The burgeoning opioid addiction crisis that hits close to home for many individuals and communities nationwide is spurring some states to take action. In Pennsylvania, Gov. Tom Wolf (D) held a joint legislative session on Sept. 28 to urge lawmakers to consider legislative proposals to combat the epidemic. One proposal includes imposing a tax on opioid-containing pharmaceuticals.
Pennsylvania’s struggle with opioid-containing prescription painkillers like Vicodin, Percocet and fentanyl has led to more than 3,500 deaths from overdoses in 2015, up from 2,500 in 2014, as reported by Bloomberg BNA reporter Leslie A. Pappas in the Weekly State Tax Report.
Sen. Jay Costa (D) introduced S.B. 1213 on Sept. 16, which would levy a 10 percent assessment on the first sale of opioid-containing painkillers, paid by drug manufacturers or distributors. Drugs manufactured in the state for distribution outside Pennsylvania would not be assessed. Additionally, consumers may not be required to pay the assessment, either directly or indirectly.
The 10 percent assessment could raise $60 million a year for anti-opioid addiction initiatives, according to a May memo written by Costa. S.B. 1213 would establish the Opioid Addiction Prevention and Treatment Fund, and assessment funds would provide for the purchase of the anti-overdose drug, naloxone, for use by first responders, opioid treatment programs in communities and jails, and drug and alcohol counseling and awareness programs, among other activity geared at mitigating opioid abuse.
S.B. 1213 also proposes that opioid drug manufacturers must file a report with the Pennsylvania Department of Revenue on or before the 20th day of each month, which shows the amounts sold for the preceding calendar month, and pay the assessment due. Manufacturers are also required to keep proper records for at least a four-year period under this legislation.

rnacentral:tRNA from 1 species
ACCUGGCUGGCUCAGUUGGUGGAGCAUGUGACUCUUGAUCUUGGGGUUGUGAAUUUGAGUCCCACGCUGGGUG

Currently, Pennsylvania does not impose an excise tax on pharmaceuticals. If passed, this legislation would be the first of its kind in the state. However, the legislature might not vote on the bill until after the November election—the bill is currently in the Finance committee.
Earlier this year, Connecticut legislators introduced S.B. 5 to levy a 6.35 percent surcharge on opioid medicine manufacturers and wholesalers to fund opioid prevention and treatment programs. The senate has yet to vote on this bill.
Pending legislation at the federal level, H.R. 5845 and S. 2977, would impose a $0.01 per milligram excise tax on the sale of opioid pain relievers by manufacturers. And like at the state level, these bills would establish opioid treatment programs from the revenue generated by the tax.
Regardless of when lawmakers vote, it will be very interesting to see what alternative measures pharmaceutical companies propose to reduce this epidemic.
Continue the discussion on Bloomberg BNA’s State Tax Group on LinkedIn: Do you think that opioid pharmaceutical manufacturers should cover opioid abuse-deterrent initiatives?
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